The Montessori Method is a system for the education of children from birth through age 18. It is based upon
principles developed by Dr Maria Montessori throughout her life early in the last century. The focus
of this system is the development of self-direction & self-discipline using scientifically developed
manipulative materials, educational techniques, and observations which support the natural development
of children. Children are encouraged to ‘learn how to learn,’ thus gaining independence and self-confidence.
Because the method is based upon developmentally appropriate activities, the child often learns through
process of discovery - by doing.
The Montessori school is designed to accommodate various stages of development in children, which occur in roughly 3-year
periods. From birth to 3 year of age, the child is absorbing information directly from the environment,
like a sponge. It is during this phase that many language and motor skills are acquired without formal
instruction. During the second phase (from 3 to 6 years of age) the child reaches a different plane of
development, in which repetition and manipulation of materials in the environment are critical to the
development of concentration, refinement of the senses, coordination, independence, and a sense of order.
In this environment, the child learns skills for everyday living, sorting, grading, classifying - all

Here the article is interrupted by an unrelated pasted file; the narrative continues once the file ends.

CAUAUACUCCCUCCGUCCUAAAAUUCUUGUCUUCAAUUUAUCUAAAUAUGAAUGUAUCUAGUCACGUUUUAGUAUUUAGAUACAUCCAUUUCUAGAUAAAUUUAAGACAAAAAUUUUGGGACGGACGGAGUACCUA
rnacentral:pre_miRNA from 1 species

of which lead to the development of writing, reading, and a mathematical mind.
When the child reaches the next plane of development (ages 6 - 9) the imagination of the child is the key
to learning. At this age there is an increasing awareness of the world and an interest in its wonders.
The curriculum now excites the child by using his imagination to explore the universe. During this phase,
the child is presented with ‘the BIG picture,’ an overview of the interrelatedness of things. Concepts
are introduced through hands-on concrete materials which help the child to arrive at an understanding
of abstract concepts. The student’ hands-on activities broaden in scope and include practical applications
outside the classroom. Projects become more involved and diverse in nature.
Because the child goes through these various stages, the Montessori classroom area is organized into three-year
multi-age groups. This allows a greater flexibility in meeting each child’s individual needs. The teacher
allows the child to explore the carefully prepared environment to exercise his independence and self-direction.
Through repetition using the Montessori classroom materials, the teacher allows the child to discover
and draw his own conclusions.